Before you contact us perhaps you might find the answers to some of your questions in our Frequently Asked Questions here. After reading them, feel free to send us a request for further information and we will be happy to respond.
No. We have tried multiple types of lignocellulose feedstock. This is introduced at up to 20% dry matter into the flow of the reactor at 5m/s. Steam or CO2 is introduced at between 6 and 10 bar pressure to accelerate the material to 1000m/s.
This creates a supersonic flow with low pressure vapor phase inducing shear and cavitation effects on the material. This results in an opening of the cell walls exposing cellulose, hemicellulose and lignin for further treatment such as enzymatic hydrolysis and separation
Okay, the science bit.
We use a combination of temperature and pressure for mechanical cell disruption in the upstream processing to expose the contents of micron-sized bacteria cells for oil recovery and enzyme accelerated access.
We use super-critical fluid/gas in the downstream process to deliver a major impact on the chemical reaction conversion. Pressurization of CO2 has a chemical effect as it changes polarity. This triggers a non-solvent catalyst reaction within a very small chamber with a continuous process flow.
This differs from the conventional batch processing with a metal or acidic catalyst scaled up to very large hydrolysis or fermentation tanks which requires costly decontamination and high cost of recovery.
Converts 45% of energy normally consumed to dry DDGS, by using distilled wet grains, recovered CO2, which is a by-product of ethanol production, to maximize output of production site. Clip-on 2nd generation solution with raw materials on-site (CO2, Ethanol, Wet Grains) eliminating transportation and significantly reducing carbon footprint of production.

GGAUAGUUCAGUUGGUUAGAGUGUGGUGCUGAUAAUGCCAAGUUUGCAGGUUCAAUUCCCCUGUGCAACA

CO2 is also a feedstock for growing microalgae, producing specialty lubricants and Omega-3 oils, nutritional proteins, nutrient feedstock and enhancement of carbon/nitrogen mix for stover in anaerobic digestion, generating biogas reducing plant energy consumption.
The ethanol industry has been accused of driving up the price of food. What is under estimated is the potential for extracting high value proteins, amino acids and nutritional oils, such as Omega-3, that can be used in the human food chain.
This has already been well established in the dairy industry converting the protein that has bee left over from the lactose whey. The corn plant contains valuable proteins that currently are being sold as low-value animal feed for $110 per tonne when human food proteins are being sold for up to $2500 per tonne.
Finsgate, 5-7 Cranwood Street, London EC1V 9LH
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